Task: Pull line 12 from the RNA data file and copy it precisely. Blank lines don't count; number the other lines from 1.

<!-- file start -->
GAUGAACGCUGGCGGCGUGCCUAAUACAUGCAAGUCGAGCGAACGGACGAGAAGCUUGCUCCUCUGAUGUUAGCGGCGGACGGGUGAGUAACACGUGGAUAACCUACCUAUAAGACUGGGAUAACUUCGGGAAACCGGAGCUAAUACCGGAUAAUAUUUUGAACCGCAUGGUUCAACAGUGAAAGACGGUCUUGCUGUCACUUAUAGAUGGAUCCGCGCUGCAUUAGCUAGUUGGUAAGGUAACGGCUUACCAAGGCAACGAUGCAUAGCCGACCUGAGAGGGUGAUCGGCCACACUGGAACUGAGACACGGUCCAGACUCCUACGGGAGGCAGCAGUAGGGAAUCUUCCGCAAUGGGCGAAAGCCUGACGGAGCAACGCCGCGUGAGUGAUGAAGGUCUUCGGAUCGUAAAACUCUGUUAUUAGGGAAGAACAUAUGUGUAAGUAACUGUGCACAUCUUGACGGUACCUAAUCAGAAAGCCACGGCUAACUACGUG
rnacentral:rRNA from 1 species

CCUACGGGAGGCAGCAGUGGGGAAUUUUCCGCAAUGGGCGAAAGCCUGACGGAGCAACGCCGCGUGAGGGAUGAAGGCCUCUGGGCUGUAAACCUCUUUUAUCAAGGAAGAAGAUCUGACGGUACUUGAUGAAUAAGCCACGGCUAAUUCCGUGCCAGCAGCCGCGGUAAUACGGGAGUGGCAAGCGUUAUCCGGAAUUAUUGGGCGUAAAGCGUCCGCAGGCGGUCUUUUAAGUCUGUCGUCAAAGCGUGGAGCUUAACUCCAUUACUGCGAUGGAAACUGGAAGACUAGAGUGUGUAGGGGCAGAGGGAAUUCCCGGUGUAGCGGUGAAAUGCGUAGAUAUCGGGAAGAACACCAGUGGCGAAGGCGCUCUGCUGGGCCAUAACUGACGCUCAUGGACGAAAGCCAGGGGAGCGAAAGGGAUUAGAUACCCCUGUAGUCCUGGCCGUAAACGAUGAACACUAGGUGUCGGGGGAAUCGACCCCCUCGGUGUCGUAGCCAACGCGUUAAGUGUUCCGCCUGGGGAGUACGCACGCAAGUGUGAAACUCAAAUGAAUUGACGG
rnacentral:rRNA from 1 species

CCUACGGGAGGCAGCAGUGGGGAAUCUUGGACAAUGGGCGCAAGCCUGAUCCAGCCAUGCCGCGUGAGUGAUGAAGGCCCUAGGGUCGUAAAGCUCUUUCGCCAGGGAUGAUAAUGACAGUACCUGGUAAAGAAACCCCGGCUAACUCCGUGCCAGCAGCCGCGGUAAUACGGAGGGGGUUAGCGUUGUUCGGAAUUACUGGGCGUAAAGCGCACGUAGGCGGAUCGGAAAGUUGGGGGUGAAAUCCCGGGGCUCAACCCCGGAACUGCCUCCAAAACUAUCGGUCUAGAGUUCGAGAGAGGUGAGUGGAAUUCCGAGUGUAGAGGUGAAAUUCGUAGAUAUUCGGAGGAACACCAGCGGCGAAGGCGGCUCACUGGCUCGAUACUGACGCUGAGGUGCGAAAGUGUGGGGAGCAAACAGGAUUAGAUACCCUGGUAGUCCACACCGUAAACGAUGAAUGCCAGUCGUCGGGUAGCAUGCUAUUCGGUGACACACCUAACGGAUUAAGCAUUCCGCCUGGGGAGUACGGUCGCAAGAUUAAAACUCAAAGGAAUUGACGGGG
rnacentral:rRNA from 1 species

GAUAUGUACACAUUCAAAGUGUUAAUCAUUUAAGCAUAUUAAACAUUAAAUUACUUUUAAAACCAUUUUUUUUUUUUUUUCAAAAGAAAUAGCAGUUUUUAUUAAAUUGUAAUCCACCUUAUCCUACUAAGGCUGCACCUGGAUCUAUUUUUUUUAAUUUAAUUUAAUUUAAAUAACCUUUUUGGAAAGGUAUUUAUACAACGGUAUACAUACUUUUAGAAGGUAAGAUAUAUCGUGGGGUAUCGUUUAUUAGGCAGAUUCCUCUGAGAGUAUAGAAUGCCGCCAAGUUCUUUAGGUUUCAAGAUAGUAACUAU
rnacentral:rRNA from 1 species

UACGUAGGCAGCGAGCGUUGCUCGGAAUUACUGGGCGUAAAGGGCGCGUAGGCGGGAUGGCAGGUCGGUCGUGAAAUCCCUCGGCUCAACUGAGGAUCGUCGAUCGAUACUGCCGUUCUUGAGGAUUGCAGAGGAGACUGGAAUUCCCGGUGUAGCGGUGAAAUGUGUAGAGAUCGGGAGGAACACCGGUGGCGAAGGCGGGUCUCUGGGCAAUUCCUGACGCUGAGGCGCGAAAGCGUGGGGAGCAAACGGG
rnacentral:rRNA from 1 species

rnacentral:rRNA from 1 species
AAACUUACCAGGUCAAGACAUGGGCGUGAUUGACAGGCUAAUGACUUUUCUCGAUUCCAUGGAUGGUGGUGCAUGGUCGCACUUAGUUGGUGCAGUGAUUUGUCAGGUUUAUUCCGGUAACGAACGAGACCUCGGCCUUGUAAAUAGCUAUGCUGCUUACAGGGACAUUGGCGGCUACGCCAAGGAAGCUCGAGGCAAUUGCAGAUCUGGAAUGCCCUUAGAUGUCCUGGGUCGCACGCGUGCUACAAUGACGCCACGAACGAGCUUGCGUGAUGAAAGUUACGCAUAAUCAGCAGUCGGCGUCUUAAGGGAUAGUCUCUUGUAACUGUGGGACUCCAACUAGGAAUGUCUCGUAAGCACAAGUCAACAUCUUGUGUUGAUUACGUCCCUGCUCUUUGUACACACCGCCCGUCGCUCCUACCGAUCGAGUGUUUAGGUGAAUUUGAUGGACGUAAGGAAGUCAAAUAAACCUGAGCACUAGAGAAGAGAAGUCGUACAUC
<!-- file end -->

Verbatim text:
AAACUUACCAGGUCAAGACAUGGGCGUGAUUGACAGGCUAAUGACUUUUCUCGAUUCCAUGGAUGGUGGUGCAUGGUCGCACUUAGUUGGUGCAGUGAUUUGUCAGGUUUAUUCCGGUAACGAACGAGACCUCGGCCUUGUAAAUAGCUAUGCUGCUUACAGGGACAUUGGCGGCUACGCCAAGGAAGCUCGAGGCAAUUGCAGAUCUGGAAUGCCCUUAGAUGUCCUGGGUCGCACGCGUGCUACAAUGACGCCACGAACGAGCUUGCGUGAUGAAAGUUACGCAUAAUCAGCAGUCGGCGUCUUAAGGGAUAGUCUCUUGUAACUGUGGGACUCCAACUAGGAAUGUCUCGUAAGCACAAGUCAACAUCUUGUGUUGAUUACGUCCCUGCUCUUUGUACACACCGCCCGUCGCUCCUACCGAUCGAGUGUUUAGGUGAAUUUGAUGGACGUAAGGAAGUCAAAUAAACCUGAGCACUAGAGAAGAGAAGUCGUACAUC